Specialization (Computing and X)
The Specialization in Computing Science (Computing and X) is an open program for students who want to pursue a concentrated study of computing science, or combine the study of computing science with another discipline. With 21 options available you can design and pursue a program of study that combines computing with almost any other field.
For example, you can follow your love of gaming with Computing and X. This program would include subjects like user interfaces, graphics, programming languages and, naturally, games courses. But it would also include topics such as art and design, psychology and business.
The point of Computing and X is to enhance your study of computing science with another subject that interests you, or have computing science support your chosen subject – ideally it will work both ways. Our advisors can help you design a program to fit your interests and goals, and ensure that your degree will benefit you and your potential employers.
Specially Designated Programs
Consider these specially designated streams if you are interested in the following.
|Specialization in Computing Science - Minor in Business
The Minor in Business program is for students interested in a career that combines Computing Science and Business. Computing is crucial for a business's competitive advantage. A strong Computing Science background gives you a better idea of what computing can deliver to business, and also lets you knowledgeably manage the vendors and IT groups.
|Specialization in Computing Science - Software Practice
The Computing Science Specialization in Software Practice is for students who are interested in all aspects of building software. The program has a broad range of courses to develop depth in programming, algorithms, hardware, software design, user interfaces, project management, and business issues. Even then, almost half of the courses are options.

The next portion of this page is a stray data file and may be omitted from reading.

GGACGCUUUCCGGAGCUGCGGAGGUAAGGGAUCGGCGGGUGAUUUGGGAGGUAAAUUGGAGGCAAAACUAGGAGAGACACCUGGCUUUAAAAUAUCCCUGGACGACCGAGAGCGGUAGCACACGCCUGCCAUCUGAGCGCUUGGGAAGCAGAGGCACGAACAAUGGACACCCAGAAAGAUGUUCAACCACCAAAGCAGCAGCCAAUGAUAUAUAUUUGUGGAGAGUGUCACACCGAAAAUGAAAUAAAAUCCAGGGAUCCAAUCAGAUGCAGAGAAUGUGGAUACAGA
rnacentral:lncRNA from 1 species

*Bioinformatics is no longer offered as a specialization program but may instead be taken as a minor.
Planning Your Program
Taking an undergraduate degree requires planning. Each year of your program builds on the previous ones. So if you want to study an advanced topic in your later years, you must plan to build the required background early.
Each degree program has specific requirements that indicate what courses you must take, and what grades you need to remain in the program. Here are some sample program planners.
Once you have a general idea of what you what to do, you must see an advisor who will help you with building your program so that you take the courses you need in the correct order. The advisor can also help you in planning your course load and creating alternatives in case you change your interests.
What do you mean by "Computing and X"?
Computing is no longer restricted to science, engineering and business. It appears everywhere and in many roles. It is now so broad a field that students can only master part of it in a 4 year degree program.
Some students prefer the complex technical details that form the foundation of computing, others prefer the challenges that occur at the interface between people and computers. Many want to use computers to amplify their talents in different disciplines, from anthropology to film to medicine to zoology. Our degree programs let students decide the X that they want to combine with Computing Science.
You mean I could study Computing Science and Music?
Yes. Or Humanities Computing, which is the application of Computing Science to the arts, such as literary text analysis, computer augmented performance, archaeology, and so on. Computing science is key to modern Medicine. The possibilities are really only limited by the the subject you want to combine with Computing Science.